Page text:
Although there are more Protestant ministers than churches, many ministers don’t want to work for those congregations, especially smaller ones, according to a study by Duke University. The study was reported in an Associated Baptist Press report.
While nearly every denomination surveyed has more than one minister per congregation—and some more than two—many of those ministers are chaplains, professors or parachurch ministers rather than local-church staff members, the report from Duke’s Pulpit and Pew Research on Pastoral Leaderships stated. The information is based largely on figures from The Yearbook of American and Canadian Churches.
Those ministers willing to serve congregations are apparently reluctant to work in smaller churches for financial reasons, the study reported. As a result, a large number of small rural and inner-city churches are without pastors.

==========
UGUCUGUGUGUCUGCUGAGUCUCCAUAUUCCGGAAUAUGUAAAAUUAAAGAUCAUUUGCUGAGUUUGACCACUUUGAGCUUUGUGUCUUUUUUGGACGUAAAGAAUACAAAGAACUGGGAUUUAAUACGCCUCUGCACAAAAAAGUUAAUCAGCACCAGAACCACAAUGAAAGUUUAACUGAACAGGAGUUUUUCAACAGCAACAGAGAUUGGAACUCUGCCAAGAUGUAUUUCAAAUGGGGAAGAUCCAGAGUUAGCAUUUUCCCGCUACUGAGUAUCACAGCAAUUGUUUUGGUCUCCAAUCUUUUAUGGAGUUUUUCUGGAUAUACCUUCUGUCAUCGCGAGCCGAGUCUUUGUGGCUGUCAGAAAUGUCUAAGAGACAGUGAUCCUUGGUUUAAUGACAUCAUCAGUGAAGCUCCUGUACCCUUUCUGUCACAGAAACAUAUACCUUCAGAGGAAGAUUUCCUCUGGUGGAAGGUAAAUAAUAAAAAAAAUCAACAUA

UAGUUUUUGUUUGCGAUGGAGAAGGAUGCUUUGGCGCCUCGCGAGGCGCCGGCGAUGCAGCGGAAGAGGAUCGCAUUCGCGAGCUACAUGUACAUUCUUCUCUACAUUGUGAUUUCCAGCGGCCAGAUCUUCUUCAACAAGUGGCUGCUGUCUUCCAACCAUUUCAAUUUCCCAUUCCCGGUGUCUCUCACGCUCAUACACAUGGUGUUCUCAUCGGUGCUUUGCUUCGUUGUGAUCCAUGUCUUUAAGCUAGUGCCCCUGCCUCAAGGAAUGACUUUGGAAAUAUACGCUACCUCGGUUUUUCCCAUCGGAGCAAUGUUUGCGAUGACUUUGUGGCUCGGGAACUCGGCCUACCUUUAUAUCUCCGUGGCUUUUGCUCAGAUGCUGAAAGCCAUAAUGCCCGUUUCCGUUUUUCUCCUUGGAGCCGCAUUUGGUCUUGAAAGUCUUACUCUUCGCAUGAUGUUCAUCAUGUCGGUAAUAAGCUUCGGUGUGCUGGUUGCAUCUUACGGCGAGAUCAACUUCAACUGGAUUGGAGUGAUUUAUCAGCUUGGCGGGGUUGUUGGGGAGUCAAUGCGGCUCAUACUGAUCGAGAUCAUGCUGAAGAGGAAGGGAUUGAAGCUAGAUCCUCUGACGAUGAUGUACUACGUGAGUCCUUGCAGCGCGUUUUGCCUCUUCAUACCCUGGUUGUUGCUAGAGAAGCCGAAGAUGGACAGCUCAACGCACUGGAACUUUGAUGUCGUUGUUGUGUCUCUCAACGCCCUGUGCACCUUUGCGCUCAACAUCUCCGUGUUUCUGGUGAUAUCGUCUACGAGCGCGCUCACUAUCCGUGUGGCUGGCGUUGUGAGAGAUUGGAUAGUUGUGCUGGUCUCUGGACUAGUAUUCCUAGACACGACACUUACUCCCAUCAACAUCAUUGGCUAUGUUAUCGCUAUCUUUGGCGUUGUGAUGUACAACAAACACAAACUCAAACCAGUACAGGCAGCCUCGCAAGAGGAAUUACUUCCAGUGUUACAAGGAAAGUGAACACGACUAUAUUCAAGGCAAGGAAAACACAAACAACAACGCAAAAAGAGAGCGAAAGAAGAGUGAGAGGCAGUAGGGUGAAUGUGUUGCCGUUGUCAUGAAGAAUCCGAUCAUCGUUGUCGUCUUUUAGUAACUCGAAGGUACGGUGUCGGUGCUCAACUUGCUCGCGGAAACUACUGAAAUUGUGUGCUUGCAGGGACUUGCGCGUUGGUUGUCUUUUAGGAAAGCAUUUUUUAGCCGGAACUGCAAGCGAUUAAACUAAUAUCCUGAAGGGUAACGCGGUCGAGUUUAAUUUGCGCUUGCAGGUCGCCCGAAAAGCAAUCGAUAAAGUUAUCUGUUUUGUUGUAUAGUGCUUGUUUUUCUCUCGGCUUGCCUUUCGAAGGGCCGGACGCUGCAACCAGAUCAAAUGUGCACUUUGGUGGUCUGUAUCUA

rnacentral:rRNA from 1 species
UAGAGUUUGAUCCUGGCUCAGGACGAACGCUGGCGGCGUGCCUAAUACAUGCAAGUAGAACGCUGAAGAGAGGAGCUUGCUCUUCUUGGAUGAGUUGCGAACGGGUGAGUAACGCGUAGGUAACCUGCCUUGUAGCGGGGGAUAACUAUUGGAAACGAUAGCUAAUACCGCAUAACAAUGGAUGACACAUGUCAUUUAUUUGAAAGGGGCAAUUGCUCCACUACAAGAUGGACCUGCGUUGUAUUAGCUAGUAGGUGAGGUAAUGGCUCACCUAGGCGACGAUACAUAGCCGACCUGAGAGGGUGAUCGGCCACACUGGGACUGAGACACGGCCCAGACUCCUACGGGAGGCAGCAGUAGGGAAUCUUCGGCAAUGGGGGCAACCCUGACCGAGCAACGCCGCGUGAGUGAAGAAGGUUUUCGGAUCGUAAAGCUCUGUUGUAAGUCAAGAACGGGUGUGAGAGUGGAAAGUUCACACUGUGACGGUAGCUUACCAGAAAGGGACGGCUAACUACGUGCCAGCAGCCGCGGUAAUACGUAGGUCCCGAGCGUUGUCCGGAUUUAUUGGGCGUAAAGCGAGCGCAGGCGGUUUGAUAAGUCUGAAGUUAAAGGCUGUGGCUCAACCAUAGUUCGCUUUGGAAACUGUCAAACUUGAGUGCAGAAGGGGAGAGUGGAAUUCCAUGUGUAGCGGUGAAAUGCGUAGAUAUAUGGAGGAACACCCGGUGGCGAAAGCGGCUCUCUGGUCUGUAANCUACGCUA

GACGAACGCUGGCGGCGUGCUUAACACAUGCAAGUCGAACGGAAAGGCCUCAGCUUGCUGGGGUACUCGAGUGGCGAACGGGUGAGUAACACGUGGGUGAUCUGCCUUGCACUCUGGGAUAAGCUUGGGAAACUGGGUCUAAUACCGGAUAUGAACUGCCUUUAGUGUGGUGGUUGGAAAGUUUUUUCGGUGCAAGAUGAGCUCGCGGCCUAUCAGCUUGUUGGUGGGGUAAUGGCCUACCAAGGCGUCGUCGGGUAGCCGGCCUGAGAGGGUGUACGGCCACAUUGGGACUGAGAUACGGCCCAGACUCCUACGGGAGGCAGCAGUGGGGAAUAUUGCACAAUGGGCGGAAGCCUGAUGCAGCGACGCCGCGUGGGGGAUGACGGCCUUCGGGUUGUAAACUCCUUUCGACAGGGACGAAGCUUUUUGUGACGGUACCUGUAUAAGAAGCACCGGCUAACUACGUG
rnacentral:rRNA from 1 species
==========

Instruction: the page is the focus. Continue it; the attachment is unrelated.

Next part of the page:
The report appears more positive for conservative Protestant groups, which almost all have more than one minister per congregation. Southern Baptists have nearly two per church. Meanwhile, moderate and liberal denominations have fewer than one minister per congregation. According to a study by the Presbyterian Church USA, nearly half of their churches running 51 to 100 are pastorless. That percentage jumps to 76.6 percent in Presbyterian churches running fewer than 50. About 10 percent of Southern Baptist churches have pastoral vacancies at any given time.